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The Best of British

We live in a world that is getting smaller mainly because of global friendship, the Internet and the ease of travel. The British contribution to this should be a matter of pride for every UK urologist. Many friends and colleagues say that the BJUI has gone global, a decision that was made during the editorship of Hugh Whitfield and promoted under John Fitzpatrick. It was the correct move and has allowed British urology to maintain its prominent position in the rapidly changing world of academic publishing.

During BAUS 2013 we wanted our readers to know that the B in BJUI remains vital to the journal. We continue to publish and promote the best papers from UK for the benefit our local and international audience.

So here is the Best of British virtual issue, a selection of the most cited papers from UK in the BJUI in 2012-13. There are articles from every part of the British Isles proving that geography is not a barrier to quality.

It came as a surprise to me that Functional urology is the most cited section of the BJUI. We have highlighted a controversial but real life follow-up of patients having Botulinum toxin A injections for overactive bladder (OAB), a multicentre trial of a mini-sling and the natural history of urinary symptoms amongst ketamine users.

This is complemented by a Translational Science paper on the inhibition of stretching-evoked ATP release from bladder mucosa by anticholinergic agents. High-quality basic research with rapid translation is becoming real, thanks to the growth of Biomedical Research Centres in UK and overseas. We want to publish the best science papers and make them relevant to surgeons through Science Made Simple, a section that explains why our readers should care about science in a “dummies” fashion. The term “autophagy” is set to become as important as apoptosis.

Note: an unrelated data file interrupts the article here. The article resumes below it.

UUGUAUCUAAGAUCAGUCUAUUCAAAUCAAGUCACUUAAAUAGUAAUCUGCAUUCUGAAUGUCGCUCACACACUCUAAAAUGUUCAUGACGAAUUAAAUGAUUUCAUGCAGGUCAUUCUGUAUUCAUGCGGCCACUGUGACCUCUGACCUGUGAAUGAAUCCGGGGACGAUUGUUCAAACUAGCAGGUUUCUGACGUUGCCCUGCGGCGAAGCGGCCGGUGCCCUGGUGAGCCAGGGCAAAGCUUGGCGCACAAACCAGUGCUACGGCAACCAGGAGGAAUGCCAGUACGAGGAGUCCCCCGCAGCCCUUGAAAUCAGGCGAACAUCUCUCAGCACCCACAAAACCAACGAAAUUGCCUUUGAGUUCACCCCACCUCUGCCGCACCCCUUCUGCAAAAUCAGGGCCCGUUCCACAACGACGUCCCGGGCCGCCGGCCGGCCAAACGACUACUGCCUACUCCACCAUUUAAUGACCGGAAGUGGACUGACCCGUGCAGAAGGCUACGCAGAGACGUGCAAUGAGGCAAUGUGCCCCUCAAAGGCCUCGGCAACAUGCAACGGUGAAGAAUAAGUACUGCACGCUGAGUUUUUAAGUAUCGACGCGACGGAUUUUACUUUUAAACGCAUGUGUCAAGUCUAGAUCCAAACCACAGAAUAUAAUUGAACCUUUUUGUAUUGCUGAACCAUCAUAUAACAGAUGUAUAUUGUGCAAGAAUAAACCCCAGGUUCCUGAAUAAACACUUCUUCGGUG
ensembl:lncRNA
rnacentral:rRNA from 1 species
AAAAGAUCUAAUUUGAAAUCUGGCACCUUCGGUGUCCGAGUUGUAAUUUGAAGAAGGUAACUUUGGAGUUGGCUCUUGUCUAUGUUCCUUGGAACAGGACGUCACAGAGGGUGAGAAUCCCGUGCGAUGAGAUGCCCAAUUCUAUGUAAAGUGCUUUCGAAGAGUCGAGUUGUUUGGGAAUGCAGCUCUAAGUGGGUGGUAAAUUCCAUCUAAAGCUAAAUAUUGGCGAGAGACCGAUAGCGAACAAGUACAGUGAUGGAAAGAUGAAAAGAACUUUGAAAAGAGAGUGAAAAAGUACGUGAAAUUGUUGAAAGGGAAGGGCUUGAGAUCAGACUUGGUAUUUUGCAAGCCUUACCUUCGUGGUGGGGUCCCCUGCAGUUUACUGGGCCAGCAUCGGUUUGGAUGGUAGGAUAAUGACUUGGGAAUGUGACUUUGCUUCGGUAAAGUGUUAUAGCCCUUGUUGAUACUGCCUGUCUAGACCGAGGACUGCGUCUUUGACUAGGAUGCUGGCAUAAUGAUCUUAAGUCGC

Urological oncology is the largest section of the BJUI. There is considerable interest in prostate biopsies through the transrectal and transperineal routes and attempts at better imaging through MRI and perhaps Histoscanning. The role of surgery in high-risk prostate cancer is of particular relevance to British urologists within multidisciplinary teams as a number of our patients have aggressive, palpable and locally advanced disease. It is becoming clear that robotics can achieve oncological outcomes as robust as open surgery even in these patients. The Robotics and laparoscopy section of the BJUI has some of our most cited papers. We have given it prominence by featuring beautiful illustrations of  these common and evolving procedures in a Step by Step fashion on the front cover of our paper journal. Finally, a randomised controlled study evaluating the effects of metformin and lifestyle intervention on patients with prostate cancer receiving androgen deprivation therapy, has an important message.

While a number of new modalities of resection such as blue light and narrow band imaging are emerging, good quality white light resection by experienced endoscopists must not be ignored. It is not just about resection, however; adjuvant intravesical gemciabine found its way into a systematic review in patients with non-muscle invasive disease.

The Upper urinary tract often suffers at the hands of the bladder and prostate but is equally important. We have highlighted systematic reviews of ureteroscopic and percutaneous management of upper tract urothelial carcinoma, its surgical management by other modalities and the changing trends in stone disease that will be of interest to our endourological colleagues.

We have introduced a new Surgical Education section and bring to your attention the first results from the BAUS SIMULATE project, which combines technical and non-technical skills. This will be of great importance to every British trainee and indeed we are the international standard bearers in this field, thanks to your active participation.

We thoroughly enjoyed selecting this issue for your reading pleasure. A number of these articles have already been free downloads on as articles of the week, and are now free to everyone as part of this virtual issue. They are further promoted internationally through our social media network and we are hoping to see a number of you at the BJUI SoMe course during BAUS.

Enjoy the highest quality, most cited articles from Britain. And be very proud, you deserve it!

Prof. Prokar Dasgupta, Editor in Chief, BJUI, Guy’s Hospital, King’s College London. @prokarurol

Scott Millar, Managing Editor, BJUI. @BJUIjournal

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